Siskiyou is blessed with vast wilderness, jaw-dropping views and quaint towns, topped by a mystical mountain and picturesque Alpine lakes. And through that rugged and breathtaking landscape weaves the Pacific Crest Trail, also casually referred to as the “PCT.” Made household-name-famous in Cheryl Strayed’s book “Wild,” the Pacific Crest Trail spans 2,650 miles from Mexico to Canada through California, Oregon and Washington, with 120 miles of that trail in Siskiyou. California’s north even includes the mid-point of the trail that falls near Dunsmuir.
But it’s Siskiyou’s small towns along the PCT that have become almost as well-known as the journey itself, referred to as some of the “friendliest towns” on the trail. They provide places to shower, rest, wash clothes, resupply, with great restaurants where hikers can down a 4000-calorie breakfast and pour back some amazing locally crafted beers! Here’s a little snapshot of what Siskiyou’s four PCT towns offer to hikers who take the time (and energy!) to refuel, resupply, and rejuvenate in town.
Situated in a canyon and surrounded by the dramatic Castle Crags wilderness near the Soda Creek Trailhead, Dunsmuir is a charming railroad town with lots of great food and lodging that has been a go-to stop for hikers for a long time. The Dunsmuir Lodge is a favorite option that offers comfortable lodging and gives rides to PCT hikers when possible, and the Railroad Park Resort offers the “only in Siskiyou” experience of eating on a caboose and sleeping in a train. When it comes to food, it’s hard to beat Dunsmuir, but both the Cornerstone Café and the Wheelhouse offering big breakfasts to refuel, and Yaks on the Five can deliver a hiker’s much-needed caloric bang for a few bucks with burgers built on cinnamon rolls and more than 20 craft beers on tap – many from other towns along the trail! And, it doesn’t get more local than the Dunsmuir Brewery Works, which also serves great seasonal food featuring local ingredients.
City of Mount Shasta
No other mountain dominates the Pacific Crest Trail the way Mount Shasta does, so it’s no surprise that the city of Mount Shasta was proudly named the first official “Trail Town” of the Pacific Crest Trail. It was officially announced in 2018 as part of the commemoration of the 50th anniversary of the National Trails System Act and there’s typically a celebration in July. But even outside the celebration, as an official trail town, you can imagine how much the city of Mount Shasta loves its hikers!
There are a variety of yummy places to eat in town, and PCT hikers can indulge in particularly large breakfasts at the original Black Bear Diner and Cooper’s Restaurant in the Best Western Tree House. The Berryvale Market & Café and Mount Shasta Grocery offer great local food resupply stops, and there is a wealth of outdoor shops in town for hiking needs. There’s even a new outdoor beer garden, Garden Tap, at the Native Grounds Nursery.
There are also lots of lodging options, including the Shasta Inn and Strawberry Valley Inn next to Native Grounds, as well as the recently renovated Inn at Mount Shasta. You can even find adventure and hiker-friendly accommodations at the brand new LOGE Mt. Shasta that offers everything from hotel rooms to hostel bunks and camping.
A few day hike from Mount Shasta, the charming town of Etna, population 700, has been called “the friendliest town on the trail.” It’s situated in the valley below Etna Summit and offers not one but TWO local breweries – including the Etna Brewing Company (one of the oldest in California!) and Paystreak Brewing. The tiny town is also home to the Denny Bar Co. – the only craft distillery-restaurant between Sacramento and Oregon.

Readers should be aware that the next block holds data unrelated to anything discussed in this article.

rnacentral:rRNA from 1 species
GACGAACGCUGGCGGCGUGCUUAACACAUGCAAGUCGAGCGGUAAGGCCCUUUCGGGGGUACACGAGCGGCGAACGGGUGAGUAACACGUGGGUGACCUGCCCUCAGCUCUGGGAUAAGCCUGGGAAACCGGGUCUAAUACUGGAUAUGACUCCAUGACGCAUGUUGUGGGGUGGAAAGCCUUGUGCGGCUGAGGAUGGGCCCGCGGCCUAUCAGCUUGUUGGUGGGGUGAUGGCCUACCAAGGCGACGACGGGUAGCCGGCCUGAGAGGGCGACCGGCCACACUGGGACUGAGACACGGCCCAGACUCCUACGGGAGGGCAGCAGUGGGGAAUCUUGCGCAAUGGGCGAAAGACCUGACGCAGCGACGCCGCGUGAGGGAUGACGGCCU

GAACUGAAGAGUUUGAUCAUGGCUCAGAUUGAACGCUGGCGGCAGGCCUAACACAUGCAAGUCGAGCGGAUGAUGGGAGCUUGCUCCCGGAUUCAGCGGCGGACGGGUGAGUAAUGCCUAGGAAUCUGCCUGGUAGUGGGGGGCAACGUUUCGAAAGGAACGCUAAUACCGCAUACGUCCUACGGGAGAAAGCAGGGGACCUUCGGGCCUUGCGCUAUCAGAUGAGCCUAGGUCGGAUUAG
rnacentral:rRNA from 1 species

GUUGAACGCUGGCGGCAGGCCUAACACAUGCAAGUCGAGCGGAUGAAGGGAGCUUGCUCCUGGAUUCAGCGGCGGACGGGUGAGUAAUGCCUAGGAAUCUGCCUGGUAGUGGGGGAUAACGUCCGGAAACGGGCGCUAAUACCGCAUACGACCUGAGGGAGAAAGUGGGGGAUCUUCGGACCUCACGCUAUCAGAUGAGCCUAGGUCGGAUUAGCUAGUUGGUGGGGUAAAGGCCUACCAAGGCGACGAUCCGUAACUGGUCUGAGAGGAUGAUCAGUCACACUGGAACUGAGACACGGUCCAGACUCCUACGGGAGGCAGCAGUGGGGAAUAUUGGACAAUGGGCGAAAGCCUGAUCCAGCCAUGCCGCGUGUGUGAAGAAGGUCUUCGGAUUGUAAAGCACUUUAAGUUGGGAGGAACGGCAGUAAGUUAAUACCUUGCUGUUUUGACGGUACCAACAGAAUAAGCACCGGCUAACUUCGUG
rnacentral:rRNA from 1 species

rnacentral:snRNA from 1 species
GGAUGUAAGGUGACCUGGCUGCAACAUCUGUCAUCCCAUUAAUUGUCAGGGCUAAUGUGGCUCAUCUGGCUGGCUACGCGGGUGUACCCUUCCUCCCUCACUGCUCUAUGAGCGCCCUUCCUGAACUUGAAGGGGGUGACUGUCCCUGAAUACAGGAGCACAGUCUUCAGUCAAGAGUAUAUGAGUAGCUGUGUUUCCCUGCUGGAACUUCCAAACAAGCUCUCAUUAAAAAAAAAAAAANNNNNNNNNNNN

The local post office is known to bring in an extra dumpster during PCT “hiker season” and the local high school art students design the town’s annual trail patch. It’s not unusual to see backpacks lining Main Street, or locals giving rides to hikers to and from Etna Summit. The lovely Alderbrook Manor in town maintains an official “Hiker’s Hut” and the Collier Hotel and Etna Motel are quaint and comfortable options right in town.
There are also a number of tasty restaurants and bakeries in town where hikers can refuel on delicious local fare. Even the hardware store and coffee shop get into the action, selling some of PCT hikers’ most-used backpacking supplies.
Seiad Valley, located near Happy Camp and close to the mighty Klamath River, has the singular charm of the fact that every through hiker on the trail actually has to pass straight through the little enclave of buildings that make up “Seiad.” One of those buildings is the Seiad post office, which makes it a convenient resupply point.
One of the other buildings is the Seiad Café, which happens to be the home of the famous (infamous?) pancake challenge that was once featured on the Food Network. For PCT hikers, or anyone crazy enough to take the challenge, the task is to eat five giant pancakes and the meal is free. Sounds easy, until you realize the size of the spatula hanging on the wall! International hikers are also pleased to discover that the café regularly stocks all kinds of things you wouldn’t expect to find off the beaten track simply because of the number of hikers that roll through each summer. (Vegemite, anyone?) Of course, there are lots of other things to choose from on the menu too, so you don’t have to be a glutton for pancake punishment to enjoy the stop to refuel!
For hiking enthusiasts that aren’t currently on the PCT, there are a ton of other opportunities to explore Siskiyou as well! For inspiration on eight Siskiyou summits above 8000 feet, click here.